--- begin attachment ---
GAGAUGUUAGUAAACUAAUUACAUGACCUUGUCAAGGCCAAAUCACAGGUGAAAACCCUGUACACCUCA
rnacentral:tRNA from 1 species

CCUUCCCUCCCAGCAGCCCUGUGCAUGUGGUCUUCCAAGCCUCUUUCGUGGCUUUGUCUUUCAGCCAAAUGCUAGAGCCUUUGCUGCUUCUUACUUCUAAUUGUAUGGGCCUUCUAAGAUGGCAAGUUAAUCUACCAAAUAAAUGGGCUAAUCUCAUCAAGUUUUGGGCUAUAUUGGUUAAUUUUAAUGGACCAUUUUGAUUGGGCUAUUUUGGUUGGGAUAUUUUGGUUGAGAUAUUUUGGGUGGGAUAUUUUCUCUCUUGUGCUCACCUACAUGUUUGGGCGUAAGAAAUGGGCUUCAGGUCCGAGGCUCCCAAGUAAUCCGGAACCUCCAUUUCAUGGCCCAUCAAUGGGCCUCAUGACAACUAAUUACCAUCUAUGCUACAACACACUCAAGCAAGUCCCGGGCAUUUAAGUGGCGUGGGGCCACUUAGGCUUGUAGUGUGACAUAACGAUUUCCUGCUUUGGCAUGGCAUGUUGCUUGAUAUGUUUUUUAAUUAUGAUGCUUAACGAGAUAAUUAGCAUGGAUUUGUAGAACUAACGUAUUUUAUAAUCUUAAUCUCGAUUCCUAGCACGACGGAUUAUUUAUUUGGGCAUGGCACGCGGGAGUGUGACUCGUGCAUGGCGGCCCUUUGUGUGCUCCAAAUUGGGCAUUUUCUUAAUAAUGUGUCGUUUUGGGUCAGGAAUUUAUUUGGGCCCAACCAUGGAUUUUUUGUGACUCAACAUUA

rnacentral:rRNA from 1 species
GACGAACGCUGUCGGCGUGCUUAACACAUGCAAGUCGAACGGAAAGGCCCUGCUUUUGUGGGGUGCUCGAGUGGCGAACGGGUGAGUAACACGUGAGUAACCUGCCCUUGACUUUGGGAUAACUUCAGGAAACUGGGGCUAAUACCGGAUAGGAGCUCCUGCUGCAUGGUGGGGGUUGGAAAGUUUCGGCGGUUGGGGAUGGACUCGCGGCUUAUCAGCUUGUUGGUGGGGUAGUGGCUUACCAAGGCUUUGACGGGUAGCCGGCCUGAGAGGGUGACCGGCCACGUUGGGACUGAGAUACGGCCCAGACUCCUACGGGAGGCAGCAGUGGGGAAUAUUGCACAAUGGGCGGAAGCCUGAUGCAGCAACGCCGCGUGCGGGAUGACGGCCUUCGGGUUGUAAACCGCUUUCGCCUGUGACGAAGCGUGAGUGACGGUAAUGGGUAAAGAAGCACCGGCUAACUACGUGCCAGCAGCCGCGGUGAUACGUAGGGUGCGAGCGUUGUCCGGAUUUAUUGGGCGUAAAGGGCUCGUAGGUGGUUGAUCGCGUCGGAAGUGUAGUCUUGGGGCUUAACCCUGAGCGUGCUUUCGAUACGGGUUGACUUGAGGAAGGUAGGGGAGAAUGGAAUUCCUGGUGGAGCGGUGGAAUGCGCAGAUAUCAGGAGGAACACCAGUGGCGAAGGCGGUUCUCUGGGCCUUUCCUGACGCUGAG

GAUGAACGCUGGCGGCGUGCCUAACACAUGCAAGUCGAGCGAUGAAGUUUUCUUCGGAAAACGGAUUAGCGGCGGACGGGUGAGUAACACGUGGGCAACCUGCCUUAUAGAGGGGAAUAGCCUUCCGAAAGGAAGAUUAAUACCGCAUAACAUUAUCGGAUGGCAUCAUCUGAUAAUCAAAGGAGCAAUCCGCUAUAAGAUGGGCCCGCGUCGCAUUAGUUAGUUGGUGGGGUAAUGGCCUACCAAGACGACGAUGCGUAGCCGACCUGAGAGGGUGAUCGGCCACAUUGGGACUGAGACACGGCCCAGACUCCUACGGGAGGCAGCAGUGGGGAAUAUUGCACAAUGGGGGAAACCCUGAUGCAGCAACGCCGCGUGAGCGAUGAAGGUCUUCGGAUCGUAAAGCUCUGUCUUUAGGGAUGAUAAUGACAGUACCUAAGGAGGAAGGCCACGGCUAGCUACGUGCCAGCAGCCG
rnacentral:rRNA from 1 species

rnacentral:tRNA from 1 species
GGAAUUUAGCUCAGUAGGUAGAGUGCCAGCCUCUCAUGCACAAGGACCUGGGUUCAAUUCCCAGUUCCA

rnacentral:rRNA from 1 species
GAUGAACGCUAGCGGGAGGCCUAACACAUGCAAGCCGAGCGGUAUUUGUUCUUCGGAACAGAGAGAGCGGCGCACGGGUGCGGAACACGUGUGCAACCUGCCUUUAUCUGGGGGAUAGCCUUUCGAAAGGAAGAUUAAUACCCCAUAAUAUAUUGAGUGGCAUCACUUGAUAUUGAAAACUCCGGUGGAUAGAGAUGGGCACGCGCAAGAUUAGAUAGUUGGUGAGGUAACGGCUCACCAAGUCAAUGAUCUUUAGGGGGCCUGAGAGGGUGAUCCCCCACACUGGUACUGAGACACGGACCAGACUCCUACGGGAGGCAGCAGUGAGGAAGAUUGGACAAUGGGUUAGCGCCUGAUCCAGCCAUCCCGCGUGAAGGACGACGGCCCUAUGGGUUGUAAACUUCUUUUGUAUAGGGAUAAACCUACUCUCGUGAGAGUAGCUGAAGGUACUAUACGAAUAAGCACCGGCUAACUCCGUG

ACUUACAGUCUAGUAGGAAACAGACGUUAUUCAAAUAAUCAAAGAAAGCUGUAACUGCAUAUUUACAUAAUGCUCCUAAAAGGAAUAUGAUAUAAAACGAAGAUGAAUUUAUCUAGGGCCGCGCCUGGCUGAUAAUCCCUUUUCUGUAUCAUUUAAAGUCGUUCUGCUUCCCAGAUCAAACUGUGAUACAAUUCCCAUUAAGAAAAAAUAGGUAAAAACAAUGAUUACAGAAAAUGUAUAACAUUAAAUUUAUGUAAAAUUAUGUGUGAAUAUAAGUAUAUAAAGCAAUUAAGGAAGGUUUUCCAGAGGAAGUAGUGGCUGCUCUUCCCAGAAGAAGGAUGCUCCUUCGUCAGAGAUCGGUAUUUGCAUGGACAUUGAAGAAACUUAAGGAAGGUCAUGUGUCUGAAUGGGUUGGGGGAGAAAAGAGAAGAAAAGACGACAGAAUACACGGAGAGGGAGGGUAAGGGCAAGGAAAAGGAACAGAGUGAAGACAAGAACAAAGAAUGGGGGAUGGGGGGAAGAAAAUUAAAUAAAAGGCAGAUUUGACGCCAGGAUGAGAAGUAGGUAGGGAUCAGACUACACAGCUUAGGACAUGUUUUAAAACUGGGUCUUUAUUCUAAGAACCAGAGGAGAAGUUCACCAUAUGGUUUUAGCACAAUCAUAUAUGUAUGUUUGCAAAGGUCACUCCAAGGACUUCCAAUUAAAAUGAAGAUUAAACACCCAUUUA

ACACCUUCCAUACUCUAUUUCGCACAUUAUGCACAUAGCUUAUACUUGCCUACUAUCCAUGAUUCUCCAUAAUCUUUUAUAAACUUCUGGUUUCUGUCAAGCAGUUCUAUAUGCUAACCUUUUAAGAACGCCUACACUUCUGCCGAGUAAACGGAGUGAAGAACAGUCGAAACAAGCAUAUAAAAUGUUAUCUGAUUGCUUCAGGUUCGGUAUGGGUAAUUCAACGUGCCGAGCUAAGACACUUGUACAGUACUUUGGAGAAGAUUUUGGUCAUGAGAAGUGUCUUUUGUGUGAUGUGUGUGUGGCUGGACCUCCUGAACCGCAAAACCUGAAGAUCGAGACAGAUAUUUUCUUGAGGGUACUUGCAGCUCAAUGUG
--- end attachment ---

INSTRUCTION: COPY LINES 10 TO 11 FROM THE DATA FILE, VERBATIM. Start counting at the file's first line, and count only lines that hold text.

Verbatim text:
rnacentral:rRNA from 1 species
GAUGAACGCUAGCGGGAGGCCUAACACAUGCAAGCCGAGCGGUAUUUGUUCUUCGGAACAGAGAGAGCGGCGCACGGGUGCGGAACACGUGUGCAACCUGCCUUUAUCUGGGGGAUAGCCUUUCGAAAGGAAGAUUAAUACCCCAUAAUAUAUUGAGUGGCAUCACUUGAUAUUGAAAACUCCGGUGGAUAGAGAUGGGCACGCGCAAGAUUAGAUAGUUGGUGAGGUAACGGCUCACCAAGUCAAUGAUCUUUAGGGGGCCUGAGAGGGUGAUCCCCCACACUGGUACUGAGACACGGACCAGACUCCUACGGGAGGCAGCAGUGAGGAAGAUUGGACAAUGGGUUAGCGCCUGAUCCAGCCAUCCCGCGUGAAGGACGACGGCCCUAUGGGUUGUAAACUUCUUUUGUAUAGGGAUAAACCUACUCUCGUGAGAGUAGCUGAAGGUACUAUACGAAUAAGCACCGGCUAACUCCGUG